What a great turn out to the GM’s Roadshow in Napier. About a quarter of the District’s members were present. Thank you for making the effort and thank you, Scinde Lodge, for hosting this event. I know there have been mixed reactions and that had been anticipated. I know that some attendees went straight back to put some ideas directly into action. One Lodge immediately amended the duties of the SW and JW to regularly follow up calls to members who do not attend. They also added to the Tyler's duty that of being a “meeter and greeter” at the start of the evening, particularly welcoming visitors.
I have deliberately waited until now to write to you, having only just read all the feedback comments from the Napier Road show AND the other two Road shows held in the Division. We are at a watershed and need to join the One Team. I apologise for the length of this update but encourage you to carefully read and consider what I say and view things through the eyes of newer members.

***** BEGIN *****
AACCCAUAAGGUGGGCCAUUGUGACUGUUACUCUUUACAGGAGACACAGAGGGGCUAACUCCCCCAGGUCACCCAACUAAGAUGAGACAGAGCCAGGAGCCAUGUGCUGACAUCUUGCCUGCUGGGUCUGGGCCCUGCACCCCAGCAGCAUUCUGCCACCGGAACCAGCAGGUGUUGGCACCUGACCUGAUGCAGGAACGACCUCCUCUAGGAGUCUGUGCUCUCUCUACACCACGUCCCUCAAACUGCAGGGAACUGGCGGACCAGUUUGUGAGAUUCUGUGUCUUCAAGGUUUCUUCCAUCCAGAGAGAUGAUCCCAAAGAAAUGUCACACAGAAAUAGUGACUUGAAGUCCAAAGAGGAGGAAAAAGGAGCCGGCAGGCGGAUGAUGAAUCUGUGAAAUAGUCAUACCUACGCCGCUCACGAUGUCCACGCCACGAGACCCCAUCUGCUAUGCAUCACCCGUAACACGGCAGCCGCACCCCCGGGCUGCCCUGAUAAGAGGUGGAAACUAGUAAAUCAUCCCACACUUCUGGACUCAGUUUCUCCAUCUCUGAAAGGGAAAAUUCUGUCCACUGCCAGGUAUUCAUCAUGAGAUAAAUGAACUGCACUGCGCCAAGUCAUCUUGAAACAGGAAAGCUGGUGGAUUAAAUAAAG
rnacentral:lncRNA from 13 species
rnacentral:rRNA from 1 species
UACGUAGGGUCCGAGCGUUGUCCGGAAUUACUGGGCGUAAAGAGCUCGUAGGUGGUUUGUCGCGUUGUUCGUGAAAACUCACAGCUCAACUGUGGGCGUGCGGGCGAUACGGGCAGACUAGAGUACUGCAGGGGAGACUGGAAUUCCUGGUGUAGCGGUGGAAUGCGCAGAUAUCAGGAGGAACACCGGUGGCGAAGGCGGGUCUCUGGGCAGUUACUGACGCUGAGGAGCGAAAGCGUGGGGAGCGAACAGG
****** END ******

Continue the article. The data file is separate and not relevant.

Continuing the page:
The bottom line is that Freemasonry will not survive unless there is a change. That change cannot be magicked from above, it has to come from the actions of its members over a period of time. We have the promise of improved resources and websites and we also have the expertise of a National Executive Officer who has been able to objectively view our situation and, working with the Grand Master, has offered us a call to action. We need a person from each Lodge, not necessarily tied up with the hierarchy, to be a champion for their Lodge’s path to becoming (or remaining) a thriving Lodge in this modern world (THAT IS OUR ONE VISION). From them I would like to find one or two District champions to help coordinate and share ideas and this could involve facilitating District socials; BBQs, get togethers; working bees – anything that, in turn, enables Lodges to thrive. Zoom communications will be available to assist.